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The Weekend Neos Kosmos : 16 July 2016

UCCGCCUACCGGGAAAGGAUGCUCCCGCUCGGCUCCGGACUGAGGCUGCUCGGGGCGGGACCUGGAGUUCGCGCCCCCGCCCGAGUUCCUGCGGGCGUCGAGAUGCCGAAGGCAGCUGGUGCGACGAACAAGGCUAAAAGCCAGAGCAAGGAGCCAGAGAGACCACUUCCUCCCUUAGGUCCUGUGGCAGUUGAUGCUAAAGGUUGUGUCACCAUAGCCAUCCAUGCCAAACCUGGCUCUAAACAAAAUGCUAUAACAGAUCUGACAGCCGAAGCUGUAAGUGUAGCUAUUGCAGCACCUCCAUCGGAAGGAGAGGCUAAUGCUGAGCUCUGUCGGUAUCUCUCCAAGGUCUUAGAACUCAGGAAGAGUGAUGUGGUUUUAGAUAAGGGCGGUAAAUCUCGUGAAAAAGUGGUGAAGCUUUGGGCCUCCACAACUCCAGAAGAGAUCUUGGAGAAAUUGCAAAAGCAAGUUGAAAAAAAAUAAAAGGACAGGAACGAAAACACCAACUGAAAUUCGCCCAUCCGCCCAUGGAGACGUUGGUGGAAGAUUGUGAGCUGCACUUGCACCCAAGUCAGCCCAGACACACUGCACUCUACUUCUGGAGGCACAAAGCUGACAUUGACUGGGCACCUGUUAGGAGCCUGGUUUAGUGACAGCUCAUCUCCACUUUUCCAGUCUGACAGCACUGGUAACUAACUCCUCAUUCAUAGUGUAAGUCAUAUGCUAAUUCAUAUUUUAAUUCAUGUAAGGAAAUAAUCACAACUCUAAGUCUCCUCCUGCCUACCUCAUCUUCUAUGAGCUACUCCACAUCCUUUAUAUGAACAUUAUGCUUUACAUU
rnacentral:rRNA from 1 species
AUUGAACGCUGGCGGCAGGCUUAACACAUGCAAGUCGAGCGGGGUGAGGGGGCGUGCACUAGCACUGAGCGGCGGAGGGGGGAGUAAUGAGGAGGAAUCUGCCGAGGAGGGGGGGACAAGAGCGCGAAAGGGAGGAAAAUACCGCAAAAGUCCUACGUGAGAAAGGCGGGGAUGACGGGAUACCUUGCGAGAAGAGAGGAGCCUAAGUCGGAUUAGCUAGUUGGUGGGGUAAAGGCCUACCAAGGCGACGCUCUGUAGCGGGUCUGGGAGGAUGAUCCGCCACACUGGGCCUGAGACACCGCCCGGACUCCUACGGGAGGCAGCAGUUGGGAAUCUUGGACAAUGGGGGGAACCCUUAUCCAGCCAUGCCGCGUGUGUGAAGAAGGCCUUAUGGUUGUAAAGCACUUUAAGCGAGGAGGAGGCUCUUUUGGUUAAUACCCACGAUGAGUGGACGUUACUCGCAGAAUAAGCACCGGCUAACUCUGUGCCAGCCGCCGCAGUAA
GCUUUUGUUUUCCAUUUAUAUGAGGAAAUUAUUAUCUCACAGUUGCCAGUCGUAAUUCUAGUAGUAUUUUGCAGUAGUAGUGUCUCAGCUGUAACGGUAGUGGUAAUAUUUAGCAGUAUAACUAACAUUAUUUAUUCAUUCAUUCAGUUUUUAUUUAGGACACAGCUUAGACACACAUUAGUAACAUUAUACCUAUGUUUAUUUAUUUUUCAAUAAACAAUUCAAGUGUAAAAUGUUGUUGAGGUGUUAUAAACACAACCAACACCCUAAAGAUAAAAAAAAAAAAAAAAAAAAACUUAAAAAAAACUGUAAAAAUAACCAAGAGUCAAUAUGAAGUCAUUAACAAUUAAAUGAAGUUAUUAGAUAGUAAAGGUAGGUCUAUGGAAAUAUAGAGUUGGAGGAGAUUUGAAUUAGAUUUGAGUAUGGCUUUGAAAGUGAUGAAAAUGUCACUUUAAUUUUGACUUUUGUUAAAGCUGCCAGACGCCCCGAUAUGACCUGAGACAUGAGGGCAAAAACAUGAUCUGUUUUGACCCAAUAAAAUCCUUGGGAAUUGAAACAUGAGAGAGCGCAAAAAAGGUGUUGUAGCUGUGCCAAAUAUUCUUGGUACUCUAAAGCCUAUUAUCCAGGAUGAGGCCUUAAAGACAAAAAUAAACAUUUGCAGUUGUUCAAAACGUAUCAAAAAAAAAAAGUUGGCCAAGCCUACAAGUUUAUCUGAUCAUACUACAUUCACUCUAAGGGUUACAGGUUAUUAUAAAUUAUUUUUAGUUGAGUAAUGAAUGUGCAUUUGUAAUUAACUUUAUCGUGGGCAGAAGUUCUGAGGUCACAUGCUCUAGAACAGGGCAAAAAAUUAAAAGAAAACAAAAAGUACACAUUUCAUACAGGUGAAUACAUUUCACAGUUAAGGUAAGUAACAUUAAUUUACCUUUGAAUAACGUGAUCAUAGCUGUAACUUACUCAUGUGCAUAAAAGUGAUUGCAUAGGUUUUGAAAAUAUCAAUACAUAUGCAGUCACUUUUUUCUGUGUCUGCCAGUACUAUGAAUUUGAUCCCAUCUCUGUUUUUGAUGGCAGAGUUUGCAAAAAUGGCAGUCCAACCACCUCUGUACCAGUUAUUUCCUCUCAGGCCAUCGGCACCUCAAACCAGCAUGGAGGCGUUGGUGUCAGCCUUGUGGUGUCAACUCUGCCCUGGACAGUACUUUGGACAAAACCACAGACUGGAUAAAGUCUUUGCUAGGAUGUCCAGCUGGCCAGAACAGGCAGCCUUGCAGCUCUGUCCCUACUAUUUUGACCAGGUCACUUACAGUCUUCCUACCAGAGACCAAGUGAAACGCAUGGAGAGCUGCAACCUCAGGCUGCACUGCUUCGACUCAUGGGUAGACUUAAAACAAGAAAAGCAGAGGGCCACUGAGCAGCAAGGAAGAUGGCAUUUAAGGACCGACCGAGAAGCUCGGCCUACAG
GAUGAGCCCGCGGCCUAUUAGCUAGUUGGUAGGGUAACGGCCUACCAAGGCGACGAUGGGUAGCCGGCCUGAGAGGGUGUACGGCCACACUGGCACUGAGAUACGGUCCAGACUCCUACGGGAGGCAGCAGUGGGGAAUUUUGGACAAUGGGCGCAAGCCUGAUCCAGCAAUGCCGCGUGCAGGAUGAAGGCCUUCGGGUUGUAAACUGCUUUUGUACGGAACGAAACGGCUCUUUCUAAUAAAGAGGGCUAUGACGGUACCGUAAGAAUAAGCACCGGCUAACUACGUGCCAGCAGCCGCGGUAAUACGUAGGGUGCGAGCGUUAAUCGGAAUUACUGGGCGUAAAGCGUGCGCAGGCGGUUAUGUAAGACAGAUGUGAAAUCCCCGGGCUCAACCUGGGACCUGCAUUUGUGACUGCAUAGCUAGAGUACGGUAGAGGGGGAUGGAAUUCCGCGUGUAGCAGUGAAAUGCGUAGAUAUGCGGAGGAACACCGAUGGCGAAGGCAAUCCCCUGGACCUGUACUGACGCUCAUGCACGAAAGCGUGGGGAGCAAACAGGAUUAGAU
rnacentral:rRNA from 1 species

NEWS 4 THE WEEKEND NEOS KOSMOS | SATURDAY 16 JULY 2016 DIGITAL.NEOSKOSMOS.COM Cyprus for the Cypriots Commemorative events for the 42nd black anniversary of the Turkish invasion of Cyprus commenced on Thursday and continue around the country for the rest of the week PHOTO: KOSTAS DEVES. ANASTASIA TSIRTSAKIS It's been 42 years since Turkish troops invaded Cyprus, and though the years have passed, the memories are as strong as ever among the Cypriot diaspora. Seeking to rectify the ongoing occupation of the island, nationwide branches of the Pan-Australian Justice for Cyprus Coordinating Committee (PASEKA) have a host of events scheduled to take place across the country, starting with Melbourne. Kicking off on Thursday, some 15 organisations gathered at the Australian Hel- lenic Memorial, where they took part in a moving wreathlaying ceremony in honour of those who lost their lives. Those gathered then moved on to the Turkish Consulate, where a peaceful protest took place and representatives, including Cypriot refugees, some with missing relatives, took the opportunity to present a written resolution and request the withdrawal of Turkish troops to put an end to the occupation. While it is a stance taken each year by the Cypriot Community, president of PASEKA Constantinos Procopiou is optimistic that 2016 will mark the last year a protest of this nature needs to take place. "We consider it a part of our struggle to keep everybody informed about the situation in Cyprus," Mr Procopiou told Neos Kosmos. "We've shown the politicians and the governments that we haven't forgotten Cyprus, and we expect that they have a stance on Cyprus which will be favourable to the United Nations resolution to withdraw Turkish troops from Cyprus, and to recognise only one authority on Cyprus - the government of the republic and nothing else. We hope this is the last year we have to do that." According to Mr Procopiou, the written resolution presented to the Turkish Consulate on Thursday has also been sent to Prime Minister Malcolm Turnbull, Opposition Leader Bill Shorten, and to the President of the Republic of Cyprus Nicos Anastasiades. To further confirm their position and request support from the Australian government and people, on Friday evening a human chain was formed on the steps of Victoria's Parliament House. Participating on the night The Chilcot report ANDREAS C. CHRYSAFIS After a seven-year wait, the Chilcot Report in the UK has been released in a dignified manner, which shows democracy and justice can work if allowed to serve the country and the people. Prosecutions are likely to start soon against politicians and those persons re- sponsible for crimes against the nation and against humanity – no political immunity will now protect those warmongers. If found guilty they will be put behind bars, and rightly so. Compare what happens in Cyprus and one can scream with despair seeing that justice on the island has been manipulated to serve a flawed and a corrupt system where criminality is swept under the carpet at the expense of social justice – yet Cyprus is a EU member state. The Mari Report, for example, (ordered by the president) remains hidden inside dark drawers collecting dust; the Cyprus File (triggered the 1974 Turkish invasion) was never opened to learn from and prosecute individuals; the military Coup File has been kept top secret; the Milosevic money laundering scandal; the Stock Exchange robbery where citizens lost billions to economic assassins; the Laiki corruption scandal that destroyed the Cyprus economy; the IMF/ EU Troika's Bail-in theft and a horde of other wrong-do- ings have eluded justice. Why not open up those hidden files? Why are those files kept from public scrutiny? What is it that consecutive governments were so afraid of? The truth? Who are they trying to protect? Why not prosecute those white-collar criminals? Why refuse to learn the lessons from past mistakes? Why does the law protect wrongdoers responsible for the Cyprus tragedy? Above all, why not practice transparency in the name of democracy? Sadly, there is one answer; where there is no respect for law and justice, there is no wrong. * Andreas C. Chrysafis is a freelance writer, author and artist based in Cyprus. were a number of community representatives and expatriates, including High Commissioner of the Republic of Cyprus to Australia Ioanna Malliotes. The Cypriot Community in Brunswick also hosted a dinner in memory of the atrocities faced in the summer of 1974, when some 200,000 people were uprooted from their ancestral homes. To help conclude the commemorations in Melbourne, Secretary of the Council of Ministers Theodosis Tsiolas is scheduled to arrive Down Under from Cyprus on Saturday afternoon. On Sunday morning, which will mark his second visit to Australia, the secretary will take part in a memorial service at South Melbourne's St Eustathios Greek Orthodox Church at 10.00 am, followed by a protest organised by SEKA Victoria. Commencing at 1.00 pm on Lonsdale Street in Melbourne's CBD, the demonstration will conclude on the steps of Parliament. Departing on Tuesday, Mr Tsiolas' next stop will be Adelaide, followed by Brisbane and Sydney on Sunday 24 July, where the final commemorations will take place.
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